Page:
Bishop, faith groups urge Trump to support debt relief for poor nations

This article appears in the Coronavirus feature series. View the full series.

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People take food distributed from a truck by a Haitian government program in Port-au-Prince, Haiti, April 6, 2020, amid the coronavirus (COVID-19) pandemic. The U.S. Conference of Catholic Bishops and other faith groups are urging the Trump administration to support debt relief for poor nations. (CNS/Reuters/Jeanty Junior Augustin)

Washington — Two leading proponents of debt relief for developing countries urged the White House to lead the call for a moratorium on debt payments for poor nations so they can devote funds to fight the COVID-19 pandemic.

The request came in an April 8 letter from Bishop David J. Malloy of Rockford, Illinois, chairman of the U.S. Conference of Catholic Bishops' Committee on International Justice and Peace, and Eric LeCompte, executive director of Jubilee USA Network, an alliance of faith-based development and advocacy groups.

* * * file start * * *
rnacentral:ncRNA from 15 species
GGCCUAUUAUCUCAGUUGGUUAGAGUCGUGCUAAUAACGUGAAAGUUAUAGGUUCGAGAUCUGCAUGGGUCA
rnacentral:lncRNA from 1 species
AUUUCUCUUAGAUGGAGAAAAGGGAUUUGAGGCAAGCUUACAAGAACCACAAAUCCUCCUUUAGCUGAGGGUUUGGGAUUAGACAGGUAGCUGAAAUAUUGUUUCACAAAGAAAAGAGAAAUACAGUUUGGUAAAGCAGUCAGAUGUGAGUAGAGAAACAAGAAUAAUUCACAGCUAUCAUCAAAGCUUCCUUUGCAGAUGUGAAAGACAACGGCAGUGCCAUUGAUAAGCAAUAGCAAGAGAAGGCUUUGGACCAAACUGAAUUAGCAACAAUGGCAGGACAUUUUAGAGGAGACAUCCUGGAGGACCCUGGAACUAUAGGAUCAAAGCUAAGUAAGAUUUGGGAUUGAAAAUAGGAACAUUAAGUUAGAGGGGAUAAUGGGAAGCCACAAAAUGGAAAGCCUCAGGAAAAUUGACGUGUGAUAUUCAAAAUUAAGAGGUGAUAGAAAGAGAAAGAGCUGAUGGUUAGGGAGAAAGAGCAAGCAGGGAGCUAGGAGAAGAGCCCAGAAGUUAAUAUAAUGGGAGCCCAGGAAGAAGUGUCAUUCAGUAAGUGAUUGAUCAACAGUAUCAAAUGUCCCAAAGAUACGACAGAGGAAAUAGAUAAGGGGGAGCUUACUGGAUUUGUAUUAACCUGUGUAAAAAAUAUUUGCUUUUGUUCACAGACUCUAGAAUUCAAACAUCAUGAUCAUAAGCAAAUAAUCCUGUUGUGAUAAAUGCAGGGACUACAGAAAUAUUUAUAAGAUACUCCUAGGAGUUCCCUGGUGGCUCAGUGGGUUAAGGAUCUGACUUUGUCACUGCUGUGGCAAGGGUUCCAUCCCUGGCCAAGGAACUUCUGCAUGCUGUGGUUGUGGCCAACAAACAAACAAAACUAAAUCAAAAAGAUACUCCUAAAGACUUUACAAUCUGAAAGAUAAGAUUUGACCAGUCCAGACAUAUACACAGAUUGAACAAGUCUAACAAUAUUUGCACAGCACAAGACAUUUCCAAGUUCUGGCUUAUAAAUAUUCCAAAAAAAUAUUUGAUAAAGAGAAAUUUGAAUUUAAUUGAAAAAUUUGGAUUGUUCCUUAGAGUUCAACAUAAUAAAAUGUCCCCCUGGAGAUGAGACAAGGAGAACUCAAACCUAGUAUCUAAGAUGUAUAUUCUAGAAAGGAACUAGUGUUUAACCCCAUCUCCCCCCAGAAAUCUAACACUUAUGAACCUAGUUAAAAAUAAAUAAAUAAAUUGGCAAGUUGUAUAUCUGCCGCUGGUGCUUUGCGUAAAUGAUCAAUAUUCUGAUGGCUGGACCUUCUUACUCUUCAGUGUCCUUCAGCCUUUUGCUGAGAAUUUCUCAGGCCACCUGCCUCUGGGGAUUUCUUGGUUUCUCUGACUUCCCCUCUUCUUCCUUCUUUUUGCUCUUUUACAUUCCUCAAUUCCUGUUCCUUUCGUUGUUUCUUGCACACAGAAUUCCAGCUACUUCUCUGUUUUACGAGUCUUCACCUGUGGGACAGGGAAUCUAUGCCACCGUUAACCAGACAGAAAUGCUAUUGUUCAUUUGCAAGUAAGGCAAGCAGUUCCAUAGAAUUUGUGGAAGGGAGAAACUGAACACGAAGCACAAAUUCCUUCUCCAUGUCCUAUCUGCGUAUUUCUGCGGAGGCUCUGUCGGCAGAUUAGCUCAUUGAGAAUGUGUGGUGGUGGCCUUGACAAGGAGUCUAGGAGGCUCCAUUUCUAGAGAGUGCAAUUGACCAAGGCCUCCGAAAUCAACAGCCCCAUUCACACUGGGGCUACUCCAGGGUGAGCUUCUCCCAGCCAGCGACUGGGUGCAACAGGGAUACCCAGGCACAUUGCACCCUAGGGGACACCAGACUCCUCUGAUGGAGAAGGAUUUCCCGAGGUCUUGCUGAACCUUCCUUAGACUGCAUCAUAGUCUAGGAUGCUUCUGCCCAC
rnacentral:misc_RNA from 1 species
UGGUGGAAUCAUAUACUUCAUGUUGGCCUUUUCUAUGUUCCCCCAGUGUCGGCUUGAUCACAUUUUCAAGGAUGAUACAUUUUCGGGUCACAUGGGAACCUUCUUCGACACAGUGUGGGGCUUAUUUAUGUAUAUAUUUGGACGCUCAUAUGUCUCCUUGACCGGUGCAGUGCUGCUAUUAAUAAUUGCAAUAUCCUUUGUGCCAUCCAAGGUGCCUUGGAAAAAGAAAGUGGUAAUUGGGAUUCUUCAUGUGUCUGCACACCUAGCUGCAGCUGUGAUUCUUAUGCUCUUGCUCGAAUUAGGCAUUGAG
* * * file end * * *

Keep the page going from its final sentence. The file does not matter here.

The letter said a moratorium would aid the 76 poorest countries while safeguarding U.S. economic interests.

"The leadership of the U.S. government is vital to ensuring that our world will emerge from this pandemic with greater resilience and a renewed understanding of the greater interconnectedness of humanity," the letter said.

A decision to suspend debt payments would allow for a better way to assess debt sustainability and vulnerabilities and, if necessary, open a process to restructure debt, the letter added.

The request comes as the Group of 20 finance ministers and central bankers from the European Union and industrial and emerging market nations were preparing to discuss the issue during meetings of the International Monetary Fund and World Bank starting April 14.

G-20 finance officials have long expressed concern about the high level of debt of developing nations and emerging market economies.

"Suspending debt payments, with no interest, can immediately allow countries to access funds to bolster their health systems and support needed stimulus packages in the developing world, allowing these countries to provide for their own health safety and security," the letter said.

Malloy and LeCompte also wrote that the financial crisis that has emerged as the pandemic grows threatens U.S. imports and exports to developing countries.

"Providing a suspension of debt payments and debt relief will help safeguard our common interests of returning the U.S. economy to prosperity and growth," they said.


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